Welcome to our seventy-fifth issue of Theaker’s Quarterly Fiction. Thank you for your patience, which we have repaid with four short stories, an essay by Rafe McGregor on "The World-Ecology of Climate Change Cinema", a lengthy report from FantasyCon 2023, and forty pages of reviews!
The stories in this issue are "Piggyback Writer" by Matthew G. Rees, "Kleptobiblia" by Harris Coverley, "Recovery Mission" by Eva Schultz and "Two Friends" by Antonella Coriander, the final chapter in the story of Beatrice and Veronique, which began all the way back in TQF47.
Our reviews this issue are from Douglas J. Ogurek, Rafe McGregor and Stephen Theaker, who consider the work of Josh Malerman, Nate Southard, R.B. Lemberg and David Owain Hughes, plus the films Blue Beetle, Children of Men, Knock at the Cabin and Terrifier 2, plus the television shows Carnival Row, Season 2, and Star Trek: Picard, Season 3.
The cover art for this issue was generated using Wombo Dream, based on a photograph by Stephen Theaker.
Here are the tremendous contributors to this issue.
Matthew G. Rees is the author of several story collections, his most recent being The Snow Leopard of Moscow & Other Stories, a collection of tales set in Putin-era Moscow, where Rees lived and worked for a time. Rees has, among other things, been a journalist, a teacher and a night-shift cab driver. He grew up in the border country between England and Wales known as the Marches. His published fiction to date has tended to “the literary strange”. Forays into humour of the macabre kind have featured. His debut story collection Keyhole (Three Impostors, 2019) contains tales set in Wales and its borderlands. The Feast (2021) is a collection of stories of strange dining. Rees is also a playwright. He has a PhD from the University of Swansea. More at https://www.matthewgrees.com.
Harris Coverley has short fiction published or forthcoming in Penumbric Speculative Fiction Magazine, Penumbra, The Space Cadet Science Fiction Review, and Unspeakable: Volume Two (PulpCult Press), amongst many others, as well as four consecutive issues now of TQF. A former Rhysling nominee, he also has had verse most recently in Star*Line, Spectral Realms, Silver Blade, Scifaikuest, The Crank, Tigershark, View From Atlantis, Yellow Mama, and elsewhere. He lives in Manchester, England.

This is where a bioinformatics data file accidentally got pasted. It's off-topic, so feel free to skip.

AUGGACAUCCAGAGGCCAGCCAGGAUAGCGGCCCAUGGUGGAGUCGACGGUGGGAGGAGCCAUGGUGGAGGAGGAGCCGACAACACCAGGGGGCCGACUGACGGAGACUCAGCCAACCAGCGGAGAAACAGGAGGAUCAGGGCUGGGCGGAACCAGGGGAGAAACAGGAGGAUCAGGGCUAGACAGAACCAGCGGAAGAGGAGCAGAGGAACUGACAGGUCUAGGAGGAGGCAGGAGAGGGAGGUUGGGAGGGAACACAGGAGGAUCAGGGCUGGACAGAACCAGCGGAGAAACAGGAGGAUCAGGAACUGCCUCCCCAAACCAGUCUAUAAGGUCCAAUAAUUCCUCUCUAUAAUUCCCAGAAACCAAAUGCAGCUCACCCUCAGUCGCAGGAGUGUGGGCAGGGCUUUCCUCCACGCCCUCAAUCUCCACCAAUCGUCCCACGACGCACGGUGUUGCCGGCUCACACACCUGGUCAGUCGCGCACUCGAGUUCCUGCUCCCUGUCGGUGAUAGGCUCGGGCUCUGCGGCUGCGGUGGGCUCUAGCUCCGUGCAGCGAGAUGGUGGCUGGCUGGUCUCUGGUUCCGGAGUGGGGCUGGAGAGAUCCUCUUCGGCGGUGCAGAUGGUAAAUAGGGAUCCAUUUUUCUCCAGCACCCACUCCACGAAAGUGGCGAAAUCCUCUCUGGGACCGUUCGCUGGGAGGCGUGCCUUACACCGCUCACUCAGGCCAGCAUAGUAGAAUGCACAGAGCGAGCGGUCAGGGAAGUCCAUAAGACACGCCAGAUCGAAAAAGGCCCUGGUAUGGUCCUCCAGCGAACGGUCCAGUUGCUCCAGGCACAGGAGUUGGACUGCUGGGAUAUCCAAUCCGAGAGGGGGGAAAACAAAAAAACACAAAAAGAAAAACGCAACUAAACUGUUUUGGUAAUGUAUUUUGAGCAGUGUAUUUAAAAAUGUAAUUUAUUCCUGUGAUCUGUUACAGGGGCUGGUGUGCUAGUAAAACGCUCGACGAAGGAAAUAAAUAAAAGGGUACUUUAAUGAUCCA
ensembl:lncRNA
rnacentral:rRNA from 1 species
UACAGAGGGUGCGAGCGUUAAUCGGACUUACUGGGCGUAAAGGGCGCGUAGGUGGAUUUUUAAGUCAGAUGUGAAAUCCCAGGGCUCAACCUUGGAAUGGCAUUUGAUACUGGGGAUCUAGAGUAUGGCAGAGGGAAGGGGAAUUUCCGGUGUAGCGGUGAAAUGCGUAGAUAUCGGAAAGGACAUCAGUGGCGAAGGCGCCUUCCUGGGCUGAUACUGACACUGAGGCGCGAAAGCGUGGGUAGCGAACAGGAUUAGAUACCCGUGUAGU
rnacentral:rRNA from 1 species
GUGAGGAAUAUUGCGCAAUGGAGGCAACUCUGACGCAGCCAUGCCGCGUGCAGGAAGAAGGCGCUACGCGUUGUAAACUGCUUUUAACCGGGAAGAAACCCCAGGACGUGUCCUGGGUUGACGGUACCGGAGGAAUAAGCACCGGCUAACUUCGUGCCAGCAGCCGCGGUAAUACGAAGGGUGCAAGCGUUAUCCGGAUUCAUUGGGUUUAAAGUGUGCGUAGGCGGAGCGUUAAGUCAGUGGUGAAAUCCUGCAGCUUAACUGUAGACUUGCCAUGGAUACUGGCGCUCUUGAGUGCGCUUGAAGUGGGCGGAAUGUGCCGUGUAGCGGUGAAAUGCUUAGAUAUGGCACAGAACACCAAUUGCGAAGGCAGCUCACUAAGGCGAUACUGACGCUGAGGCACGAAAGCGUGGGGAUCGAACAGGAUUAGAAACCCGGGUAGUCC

Eva Schultz lives in Aurora, Illinois, where she is a business writer by day and a fiction writer by night. Her work has appeared in The Worlds Within, TDotSpec’s Strange Wars anthology, and Backchannels. She lives with a big orange cat named Gus and enjoys drawing, painting, and collecting typewriters. Visit her online at https://www.evaschultz.com.
Antonella Coriander knows when you’ve been naughty, and she’s going to use that information against you. The eight previous instalments in this series appeared in TQF47, TQF48, TQF49, TQF50, TQF51, TQF55, TQF57, TQF62 and TQF74.
Rafe McGregor is a critical theorist publishing on culture, climate justice and policing. He is the author of thirteen books, including Literary Theory and Criminology (2023), Narrative Justice (2018), and The Adventures of Roderick Langham (2017). He can be found online @rafemcgregor.
Douglas J. Ogurek is the pseudonymous and sophomoric founder of the unsplatterpunk subgenre, which uses splatterpunk conventions (transgressive/gory/gross/violent subject matter) to deliver a positive message. His short story collection I Will Change the World … One Intestine at a Time (Plumfukt Press), a juvenile stew of horror and bizarro, aims to make readers lose their lunch while learning a lesson. Ogurek also guest-edits the wildly unpopular UNSPLATTERPUNK! “smearies”, published by Theaker’s Quarterly Fiction. These anthologies are unavailable at your library and despised by your mother. Ogurek reviews films and fiction for that same magazine. Publications have rejected Ogurek’s work nearly 2,000 times. However, some of the world’s leading literary journals thanked him for submitting manuscripts in (form) letters. One highly respected publication even said, “We want to thank you for your kindness in letting us see your work.” Thus, Ogurek is a kind author. More at www.douglasjogurek.weebly.com. Twitter: @unsplatter
Stephen Theaker’s reviews, interviews and articles have appeared in Interzone, Black Static, Prism, Dark Horizons and the BFS Journal. His story “The Reader-Queens of Tranck” appeared in the BFS anthology Emerging Horizons, edited by Allen Ashley. He has written many novels, none of them well-regarded. The full range of his enthusiastic literary endeavours may be viewed on his ISFDB summary bibliography: https://isfdb.org/cgi-bin/ea.cgi?137563.